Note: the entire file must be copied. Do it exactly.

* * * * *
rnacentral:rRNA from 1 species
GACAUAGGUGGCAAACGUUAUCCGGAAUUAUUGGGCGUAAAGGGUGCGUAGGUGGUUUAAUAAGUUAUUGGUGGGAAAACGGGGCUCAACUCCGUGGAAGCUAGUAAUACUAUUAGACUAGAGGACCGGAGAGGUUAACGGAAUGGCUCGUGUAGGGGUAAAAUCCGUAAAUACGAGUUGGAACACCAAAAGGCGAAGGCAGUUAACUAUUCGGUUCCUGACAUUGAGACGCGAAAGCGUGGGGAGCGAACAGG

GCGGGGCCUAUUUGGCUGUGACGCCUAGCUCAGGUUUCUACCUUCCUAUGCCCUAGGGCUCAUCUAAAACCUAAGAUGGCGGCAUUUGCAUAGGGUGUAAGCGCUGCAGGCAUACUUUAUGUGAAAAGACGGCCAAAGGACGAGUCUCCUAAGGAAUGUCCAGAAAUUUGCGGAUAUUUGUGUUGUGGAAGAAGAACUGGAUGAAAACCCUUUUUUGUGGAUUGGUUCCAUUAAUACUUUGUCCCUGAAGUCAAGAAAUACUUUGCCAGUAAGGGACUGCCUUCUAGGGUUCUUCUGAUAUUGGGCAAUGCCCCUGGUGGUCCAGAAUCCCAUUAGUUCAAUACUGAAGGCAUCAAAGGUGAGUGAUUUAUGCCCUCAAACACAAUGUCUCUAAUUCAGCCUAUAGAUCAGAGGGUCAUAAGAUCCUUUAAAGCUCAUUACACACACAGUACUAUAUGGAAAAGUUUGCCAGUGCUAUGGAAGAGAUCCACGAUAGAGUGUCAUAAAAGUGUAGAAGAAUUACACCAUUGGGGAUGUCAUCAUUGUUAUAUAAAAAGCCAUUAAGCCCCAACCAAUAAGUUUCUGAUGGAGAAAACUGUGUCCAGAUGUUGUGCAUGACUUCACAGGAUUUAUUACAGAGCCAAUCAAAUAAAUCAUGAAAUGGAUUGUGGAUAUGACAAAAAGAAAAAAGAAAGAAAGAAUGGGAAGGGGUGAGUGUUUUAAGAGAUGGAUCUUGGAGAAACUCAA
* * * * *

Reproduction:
rnacentral:rRNA from 1 species
GACAUAGGUGGCAAACGUUAUCCGGAAUUAUUGGGCGUAAAGGGUGCGUAGGUGGUUUAAUAAGUUAUUGGUGGGAAAACGGGGCUCAACUCCGUGGAAGCUAGUAAUACUAUUAGACUAGAGGACCGGAGAGGUUAACGGAAUGGCUCGUGUAGGGGUAAAAUCCGUAAAUACGAGUUGGAACACCAAAAGGCGAAGGCAGUUAACUAUUCGGUUCCUGACAUUGAGACGCGAAAGCGUGGGGAGCGAACAGG

GCGGGGCCUAUUUGGCUGUGACGCCUAGCUCAGGUUUCUACCUUCCUAUGCCCUAGGGCUCAUCUAAAACCUAAGAUGGCGGCAUUUGCAUAGGGUGUAAGCGCUGCAGGCAUACUUUAUGUGAAAAGACGGCCAAAGGACGAGUCUCCUAAGGAAUGUCCAGAAAUUUGCGGAUAUUUGUGUUGUGGAAGAAGAACUGGAUGAAAACCCUUUUUUGUGGAUUGGUUCCAUUAAUACUUUGUCCCUGAAGUCAAGAAAUACUUUGCCAGUAAGGGACUGCCUUCUAGGGUUCUUCUGAUAUUGGGCAAUGCCCCUGGUGGUCCAGAAUCCCAUUAGUUCAAUACUGAAGGCAUCAAAGGUGAGUGAUUUAUGCCCUCAAACACAAUGUCUCUAAUUCAGCCUAUAGAUCAGAGGGUCAUAAGAUCCUUUAAAGCUCAUUACACACACAGUACUAUAUGGAAAAGUUUGCCAGUGCUAUGGAAGAGAUCCACGAUAGAGUGUCAUAAAAGUGUAGAAGAAUUACACCAUUGGGGAUGUCAUCAUUGUUAUAUAAAAAGCCAUUAAGCCCCAACCAAUAAGUUUCUGAUGGAGAAAACUGUGUCCAGAUGUUGUGCAUGACUUCACAGGAUUUAUUACAGAGCCAAUCAAAUAAAUCAUGAAAUGGAUUGUGGAUAUGACAAAAAGAAAAAAGAAAGAAAGAAUGGGAAGGGGUGAGUGUUUUAAGAGAUGGAUCUUGGAGAAACUCAA